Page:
Jul 1, 2019

Tesla's stock rebound may not last

Photo: Justin Sullivan/Getty Images

Tesla's stock is beginning to recover after a brutal start to the year, rebounding about 25% from its June nadir as optimism about second-quarter vehicle deliveries has picked up steam.

The state of play: CEO Elon Musk's message to shareholders that there is "not a demand problem," and June 25 email to employees saying Tesla is "on track to set an all-time record" for deliveries have also helped stabilize the stock. But investors would be wise to sit out any celebration, Charley Grant at WSJ writes.

  • "For starters, record deliveries would hardly guarantee a profit. Tesla managed a net profit margin of less than 2% in the fourth quarter of 2018.... [T]here is reason to believe margins have shrunk since then."
  • "We believe that Tesla has an incentive … to 'move the metal;' in other words, prioritize deliveries over margins and pricing, which it appears to have done this quarter," Barclays analysts wrote last week.

Tesla also now faces more competition on its higher-end Model S and Model X cars, which have much higher profit margins than the mass market Model 3, from Jaguar and Audi.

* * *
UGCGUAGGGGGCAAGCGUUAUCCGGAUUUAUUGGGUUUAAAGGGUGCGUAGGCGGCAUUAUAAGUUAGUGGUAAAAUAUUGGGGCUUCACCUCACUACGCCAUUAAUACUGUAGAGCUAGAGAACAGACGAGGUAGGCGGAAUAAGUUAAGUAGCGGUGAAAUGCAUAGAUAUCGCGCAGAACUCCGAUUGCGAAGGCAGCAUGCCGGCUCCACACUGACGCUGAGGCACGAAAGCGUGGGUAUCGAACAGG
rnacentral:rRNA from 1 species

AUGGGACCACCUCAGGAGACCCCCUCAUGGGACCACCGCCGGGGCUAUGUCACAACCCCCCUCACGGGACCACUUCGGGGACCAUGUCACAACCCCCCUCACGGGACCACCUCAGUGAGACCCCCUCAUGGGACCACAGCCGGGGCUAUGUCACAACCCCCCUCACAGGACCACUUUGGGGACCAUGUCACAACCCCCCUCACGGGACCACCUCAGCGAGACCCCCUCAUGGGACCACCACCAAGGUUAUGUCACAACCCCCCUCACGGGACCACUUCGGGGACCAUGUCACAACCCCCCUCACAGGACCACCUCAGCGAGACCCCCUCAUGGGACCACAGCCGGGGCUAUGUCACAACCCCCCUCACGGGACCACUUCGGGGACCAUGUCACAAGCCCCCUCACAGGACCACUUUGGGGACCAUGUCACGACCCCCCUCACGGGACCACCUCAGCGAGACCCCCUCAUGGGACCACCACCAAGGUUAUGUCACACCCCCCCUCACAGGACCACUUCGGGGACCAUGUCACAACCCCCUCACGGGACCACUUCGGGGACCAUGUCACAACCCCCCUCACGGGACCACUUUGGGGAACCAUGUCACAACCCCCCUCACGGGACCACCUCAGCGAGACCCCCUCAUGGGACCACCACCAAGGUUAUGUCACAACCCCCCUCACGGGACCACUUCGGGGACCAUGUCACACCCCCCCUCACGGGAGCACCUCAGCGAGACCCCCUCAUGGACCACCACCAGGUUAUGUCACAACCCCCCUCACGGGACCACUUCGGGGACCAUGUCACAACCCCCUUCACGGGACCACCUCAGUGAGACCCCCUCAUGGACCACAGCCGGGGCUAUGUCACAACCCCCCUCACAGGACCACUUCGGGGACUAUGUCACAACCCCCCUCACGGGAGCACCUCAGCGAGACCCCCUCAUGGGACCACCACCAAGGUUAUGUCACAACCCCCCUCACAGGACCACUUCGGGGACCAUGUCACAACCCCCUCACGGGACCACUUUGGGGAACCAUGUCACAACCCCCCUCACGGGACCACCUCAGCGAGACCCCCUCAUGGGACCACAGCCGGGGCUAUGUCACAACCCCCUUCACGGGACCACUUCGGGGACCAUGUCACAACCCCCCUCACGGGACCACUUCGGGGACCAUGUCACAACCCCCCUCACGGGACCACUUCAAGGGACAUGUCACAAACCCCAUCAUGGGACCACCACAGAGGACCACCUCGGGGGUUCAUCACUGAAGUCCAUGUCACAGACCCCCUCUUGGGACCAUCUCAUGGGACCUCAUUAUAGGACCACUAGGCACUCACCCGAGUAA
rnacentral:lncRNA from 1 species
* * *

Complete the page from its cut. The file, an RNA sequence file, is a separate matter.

• Further, Grant notes, U.S. federal tax credits for Tesla buyers will be reduced again in the U.S. starting today to just $1,875, compared with $7,500 last year.

Go deeper: What Tesla knows about you

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Coronavirus breaks the telecom bundle

Reproduced from Park Associates "Broadband Services in the U.S." report; Note: 2019 survey was conducted in Q3, with 10,059 respondents and a ±1% margin of error; Chart: Axios Visuals

Consumers are adopting stand-alone broadband services at a much higher rate than just two years ago, and analysts predict that the economic downturn prompted by the COVID-19 outbreak will accelerate the trend.

Why it matters: With a recession looming, consumers may look to cut pay TV service in favor of more robust standalone internet packages once they're free to leave their homes.

America's funeral homes buckle under the coronavirus

Illustration: Aïda Amer/Axios

Morgues, funeral homes and cemeteries in hot spots across America cannot keep up with the staggering death toll of the coronavirus pandemic.

Why it matters: The U.S. has seen more than 10,000 deaths from the virus, and at least tens of thousands more lives are projected to be lost. The numbers are creating unprecedented bottlenecks in the funeral industry — and social distancing is changing the way the families say goodbye to their loved ones.

Navarro memos warning of mass coronavirus death circulated in January

Image from a memo to President Trump

In late January, President Trump's economic adviser Peter Navarro warned his White House colleagues the novel coronavirus could take more than half a million American lives and cost close to $6 trillion, according to memos obtained by Axios.

The state of play: By late February, Navarro was even more alarmed, and he warned his colleagues, in another memo, that up to two million Americans could die of the virus.

Go deeperArrowUpdated 2 hours ago - Health